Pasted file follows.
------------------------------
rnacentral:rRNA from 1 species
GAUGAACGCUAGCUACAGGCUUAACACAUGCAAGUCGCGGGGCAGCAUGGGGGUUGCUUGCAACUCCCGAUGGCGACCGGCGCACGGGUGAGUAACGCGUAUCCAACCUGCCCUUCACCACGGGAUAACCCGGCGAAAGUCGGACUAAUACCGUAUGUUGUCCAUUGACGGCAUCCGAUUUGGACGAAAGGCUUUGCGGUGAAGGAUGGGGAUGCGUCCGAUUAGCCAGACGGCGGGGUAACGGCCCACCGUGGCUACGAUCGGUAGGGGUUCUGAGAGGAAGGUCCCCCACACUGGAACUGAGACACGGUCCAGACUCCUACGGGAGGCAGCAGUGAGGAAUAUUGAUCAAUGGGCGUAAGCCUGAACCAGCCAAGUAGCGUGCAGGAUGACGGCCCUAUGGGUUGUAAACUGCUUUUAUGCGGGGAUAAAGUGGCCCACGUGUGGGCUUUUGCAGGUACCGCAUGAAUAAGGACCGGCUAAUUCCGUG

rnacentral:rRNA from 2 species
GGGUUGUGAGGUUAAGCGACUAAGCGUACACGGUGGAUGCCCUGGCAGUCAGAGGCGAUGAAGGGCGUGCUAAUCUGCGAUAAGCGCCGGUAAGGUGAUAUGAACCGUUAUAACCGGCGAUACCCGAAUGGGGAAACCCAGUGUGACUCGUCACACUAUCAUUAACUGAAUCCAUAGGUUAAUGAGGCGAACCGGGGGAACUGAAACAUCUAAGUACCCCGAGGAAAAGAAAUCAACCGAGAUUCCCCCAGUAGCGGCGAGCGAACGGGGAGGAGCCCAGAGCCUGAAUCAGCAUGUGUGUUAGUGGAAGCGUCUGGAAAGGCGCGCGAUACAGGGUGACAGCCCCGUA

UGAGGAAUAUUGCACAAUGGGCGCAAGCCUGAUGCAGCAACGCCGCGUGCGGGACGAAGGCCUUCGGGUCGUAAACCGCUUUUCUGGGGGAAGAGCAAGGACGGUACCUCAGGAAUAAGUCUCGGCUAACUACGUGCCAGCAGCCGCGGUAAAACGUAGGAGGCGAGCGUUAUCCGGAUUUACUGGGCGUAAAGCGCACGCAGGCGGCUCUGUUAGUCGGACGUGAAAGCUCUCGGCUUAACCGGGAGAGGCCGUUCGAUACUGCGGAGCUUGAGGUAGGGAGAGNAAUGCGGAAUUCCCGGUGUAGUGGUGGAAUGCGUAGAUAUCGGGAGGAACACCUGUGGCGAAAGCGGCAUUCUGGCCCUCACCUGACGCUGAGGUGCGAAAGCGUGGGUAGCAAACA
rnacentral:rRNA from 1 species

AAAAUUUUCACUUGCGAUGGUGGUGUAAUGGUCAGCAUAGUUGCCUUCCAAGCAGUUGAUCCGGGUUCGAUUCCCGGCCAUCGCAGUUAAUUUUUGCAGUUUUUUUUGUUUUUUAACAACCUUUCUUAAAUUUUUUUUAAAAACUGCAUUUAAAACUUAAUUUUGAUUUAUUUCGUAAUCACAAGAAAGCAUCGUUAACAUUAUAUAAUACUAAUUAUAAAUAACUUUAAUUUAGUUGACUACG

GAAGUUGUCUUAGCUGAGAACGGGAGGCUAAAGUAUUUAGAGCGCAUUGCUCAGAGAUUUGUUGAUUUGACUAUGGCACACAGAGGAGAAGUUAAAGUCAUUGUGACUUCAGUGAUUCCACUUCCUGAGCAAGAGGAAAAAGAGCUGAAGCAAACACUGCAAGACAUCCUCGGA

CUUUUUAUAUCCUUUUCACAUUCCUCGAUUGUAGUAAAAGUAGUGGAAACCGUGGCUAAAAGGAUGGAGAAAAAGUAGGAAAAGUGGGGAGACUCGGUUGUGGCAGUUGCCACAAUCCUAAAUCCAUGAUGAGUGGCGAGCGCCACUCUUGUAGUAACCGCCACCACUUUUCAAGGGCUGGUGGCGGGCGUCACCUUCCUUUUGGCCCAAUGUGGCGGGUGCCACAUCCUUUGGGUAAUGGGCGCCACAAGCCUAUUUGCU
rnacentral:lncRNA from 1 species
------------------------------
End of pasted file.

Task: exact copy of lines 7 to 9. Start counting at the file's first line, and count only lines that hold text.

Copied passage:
AAAAUUUUCACUUGCGAUGGUGGUGUAAUGGUCAGCAUAGUUGCCUUCCAAGCAGUUGAUCCGGGUUCGAUUCCCGGCCAUCGCAGUUAAUUUUUGCAGUUUUUUUUGUUUUUUAACAACCUUUCUUAAAUUUUUUUUAAAAACUGCAUUUAAAACUUAAUUUUGAUUUAUUUCGUAAUCACAAGAAAGCAUCGUUAACAUUAUAUAAUACUAAUUAUAAAUAACUUUAAUUUAGUUGACUACG

GAAGUUGUCUUAGCUGAGAACGGGAGGCUAAAGUAUUUAGAGCGCAUUGCUCAGAGAUUUGUUGAUUUGACUAUGGCACACAGAGGAGAAGUUAAAGUCAUUGUGACUUCAGUGAUUCCACUUCCUGAGCAAGAGGAAAAAGAGCUGAAGCAAACACUGCAAGACAUCCUCGGA

CUUUUUAUAUCCUUUUCACAUUCCUCGAUUGUAGUAAAAGUAGUGGAAACCGUGGCUAAAAGGAUGGAGAAAAAGUAGGAAAAGUGGGGAGACUCGGUUGUGGCAGUUGCCACAAUCCUAAAUCCAUGAUGAGUGGCGAGCGCCACUCUUGUAGUAACCGCCACCACUUUUCAAGGGCUGGUGGCGGGCGUCACCUUCCUUUUGGCCCAAUGUGGCGGGUGCCACAUCCUUUGGGUAAUGGGCGCCACAAGCCUAUUUGCU